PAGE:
On our way home I look back at our girl, so cute in her little red dress.  She is peering out the window, rubbing her hand on the soft cushion of the car door.  She looks over and sees me gazing at her, lovingly.  She immediately jerks back from the window, hiding her hand.  (we all know that nothing good is going to happen now). “What’s going on…?” I ask, tremulously.  Wordlessly she holds up her index finger, which is topped with the largest booger I’ve ever seen, it’s like she pulled a crusty raisin out of there.  We stare at each other for a full 15 seconds.  Finally I grit my teeth (Literally) and say, “Were you going to rub that on my car door?” And she said yes. Because she is always honest. Always.  She may grow out of that at some point, but for now, she is brutally, disgustingly honest.  So where does one go with that?  I spent a few seconds trying to decide if I was going to lose my shit or let it go.   “Don’t do that.” I said unintelligibly, as my hand was still covering my mouth.  She agreed.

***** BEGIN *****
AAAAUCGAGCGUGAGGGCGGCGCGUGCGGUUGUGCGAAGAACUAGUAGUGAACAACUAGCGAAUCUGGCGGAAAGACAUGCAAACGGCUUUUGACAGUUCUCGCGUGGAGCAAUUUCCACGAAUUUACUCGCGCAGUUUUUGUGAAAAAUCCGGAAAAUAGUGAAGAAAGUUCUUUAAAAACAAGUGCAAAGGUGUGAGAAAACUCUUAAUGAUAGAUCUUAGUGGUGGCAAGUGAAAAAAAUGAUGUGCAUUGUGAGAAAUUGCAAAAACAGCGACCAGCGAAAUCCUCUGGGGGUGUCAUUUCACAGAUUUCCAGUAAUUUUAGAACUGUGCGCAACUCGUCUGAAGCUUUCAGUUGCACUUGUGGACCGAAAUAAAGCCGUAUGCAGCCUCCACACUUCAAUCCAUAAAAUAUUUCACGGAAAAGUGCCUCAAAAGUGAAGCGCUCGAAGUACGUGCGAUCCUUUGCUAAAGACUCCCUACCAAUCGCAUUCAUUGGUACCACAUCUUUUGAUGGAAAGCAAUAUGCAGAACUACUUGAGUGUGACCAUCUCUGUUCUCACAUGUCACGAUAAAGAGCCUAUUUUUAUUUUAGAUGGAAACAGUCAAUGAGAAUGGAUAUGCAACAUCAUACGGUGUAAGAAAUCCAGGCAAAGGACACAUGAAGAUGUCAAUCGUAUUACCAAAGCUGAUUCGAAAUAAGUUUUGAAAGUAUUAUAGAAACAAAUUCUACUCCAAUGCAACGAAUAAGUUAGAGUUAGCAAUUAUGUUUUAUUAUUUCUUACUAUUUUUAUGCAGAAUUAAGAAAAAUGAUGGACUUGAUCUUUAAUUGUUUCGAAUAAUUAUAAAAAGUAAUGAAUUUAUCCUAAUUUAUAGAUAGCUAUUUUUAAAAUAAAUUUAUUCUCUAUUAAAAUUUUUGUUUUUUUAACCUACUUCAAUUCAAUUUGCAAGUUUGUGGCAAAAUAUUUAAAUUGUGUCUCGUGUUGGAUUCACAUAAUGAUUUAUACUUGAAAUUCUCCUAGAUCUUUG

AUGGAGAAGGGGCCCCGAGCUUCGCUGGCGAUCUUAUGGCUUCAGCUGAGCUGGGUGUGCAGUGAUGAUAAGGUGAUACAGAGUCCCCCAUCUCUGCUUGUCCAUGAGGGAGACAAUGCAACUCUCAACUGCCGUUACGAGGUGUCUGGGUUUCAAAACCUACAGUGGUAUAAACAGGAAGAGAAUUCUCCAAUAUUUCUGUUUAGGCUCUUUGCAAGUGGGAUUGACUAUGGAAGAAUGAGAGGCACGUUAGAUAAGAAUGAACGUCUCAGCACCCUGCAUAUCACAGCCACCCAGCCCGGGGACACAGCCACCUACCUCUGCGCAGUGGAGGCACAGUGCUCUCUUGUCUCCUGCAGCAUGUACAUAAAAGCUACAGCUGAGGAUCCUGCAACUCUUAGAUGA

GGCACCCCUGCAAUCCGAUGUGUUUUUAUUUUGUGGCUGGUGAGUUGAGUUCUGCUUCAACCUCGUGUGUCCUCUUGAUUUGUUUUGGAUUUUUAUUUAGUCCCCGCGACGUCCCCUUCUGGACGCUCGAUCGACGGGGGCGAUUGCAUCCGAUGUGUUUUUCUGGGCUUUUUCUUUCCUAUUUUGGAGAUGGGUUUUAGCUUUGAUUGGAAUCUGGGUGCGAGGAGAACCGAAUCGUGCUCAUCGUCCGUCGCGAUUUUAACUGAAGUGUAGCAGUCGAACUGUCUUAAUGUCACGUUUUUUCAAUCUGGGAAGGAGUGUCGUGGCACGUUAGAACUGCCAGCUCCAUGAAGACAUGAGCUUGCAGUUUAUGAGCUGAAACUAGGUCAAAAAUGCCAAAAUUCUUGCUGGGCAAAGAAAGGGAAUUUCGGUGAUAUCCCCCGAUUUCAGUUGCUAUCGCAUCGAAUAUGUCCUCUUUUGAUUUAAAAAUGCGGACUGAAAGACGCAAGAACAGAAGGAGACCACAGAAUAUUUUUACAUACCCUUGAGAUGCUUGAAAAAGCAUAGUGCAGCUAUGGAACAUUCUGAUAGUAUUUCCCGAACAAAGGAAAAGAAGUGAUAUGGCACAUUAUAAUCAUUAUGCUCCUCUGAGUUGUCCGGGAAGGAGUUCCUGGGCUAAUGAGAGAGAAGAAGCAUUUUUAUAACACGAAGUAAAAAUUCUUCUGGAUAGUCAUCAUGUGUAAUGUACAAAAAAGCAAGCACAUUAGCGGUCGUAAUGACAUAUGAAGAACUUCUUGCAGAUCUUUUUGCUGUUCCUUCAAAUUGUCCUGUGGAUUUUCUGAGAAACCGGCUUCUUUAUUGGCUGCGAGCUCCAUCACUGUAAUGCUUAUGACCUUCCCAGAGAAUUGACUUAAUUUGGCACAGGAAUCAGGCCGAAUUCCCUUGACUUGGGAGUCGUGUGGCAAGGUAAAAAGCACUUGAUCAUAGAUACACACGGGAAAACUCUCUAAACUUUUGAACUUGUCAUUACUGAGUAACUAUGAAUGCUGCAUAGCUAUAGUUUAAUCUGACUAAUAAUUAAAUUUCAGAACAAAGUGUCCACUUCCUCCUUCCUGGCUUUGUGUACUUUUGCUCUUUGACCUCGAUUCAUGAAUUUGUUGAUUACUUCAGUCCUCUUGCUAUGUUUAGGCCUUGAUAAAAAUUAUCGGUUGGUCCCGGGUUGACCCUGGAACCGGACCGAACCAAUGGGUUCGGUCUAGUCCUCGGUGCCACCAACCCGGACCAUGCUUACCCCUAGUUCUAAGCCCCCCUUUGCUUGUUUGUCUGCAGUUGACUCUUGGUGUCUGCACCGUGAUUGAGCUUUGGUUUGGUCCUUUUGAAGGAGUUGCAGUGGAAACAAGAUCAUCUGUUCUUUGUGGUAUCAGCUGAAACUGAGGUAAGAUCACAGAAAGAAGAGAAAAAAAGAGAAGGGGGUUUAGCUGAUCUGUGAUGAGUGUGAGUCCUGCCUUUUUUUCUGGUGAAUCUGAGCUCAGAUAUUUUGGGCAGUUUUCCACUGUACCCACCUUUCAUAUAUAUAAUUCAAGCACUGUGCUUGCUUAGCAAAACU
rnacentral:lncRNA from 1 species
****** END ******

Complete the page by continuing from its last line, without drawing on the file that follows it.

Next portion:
It’s barely worth mentioning that the house was trashed when we got home (because this surprises no one).  That each of my sons had (apparently) had a 7 course meal of packaged goods.  I know this  because every bit of packaging is strewn about the kitchen and living room.  I mention that they may want to get it picked up. Eventually the 11-year-old stands up and I see a tiny muffin has been crushed to dust beneath his butt.  Again, I am given the choice to let it go or lose it. I raise my voice, moderately, to get my point across.  Have you ever seen a nature show were the crazy person is face to face with a rearing grizzly bear and the crazy person says “OK! JEEZ! CALM DOWN!” No. You have not seen that. Because NO one is THAT crazy. Except my boy. One kid down (he’s grounded. Calm down.). My older son is then asked for the 15th time to clean up.  His manipulation is a little more subtle. He hugs. The more angry I get, the more I get hugged.  It feels like a pat on the head.  I hate this more than sparring with the younger one.  At least that seems honest.  When I say “Clean this up NOW!” and I get “But I want to hug you first….” it’s all I can do not to sweep his legs. So kid #2 is grounded. Yes, for trying to hug me.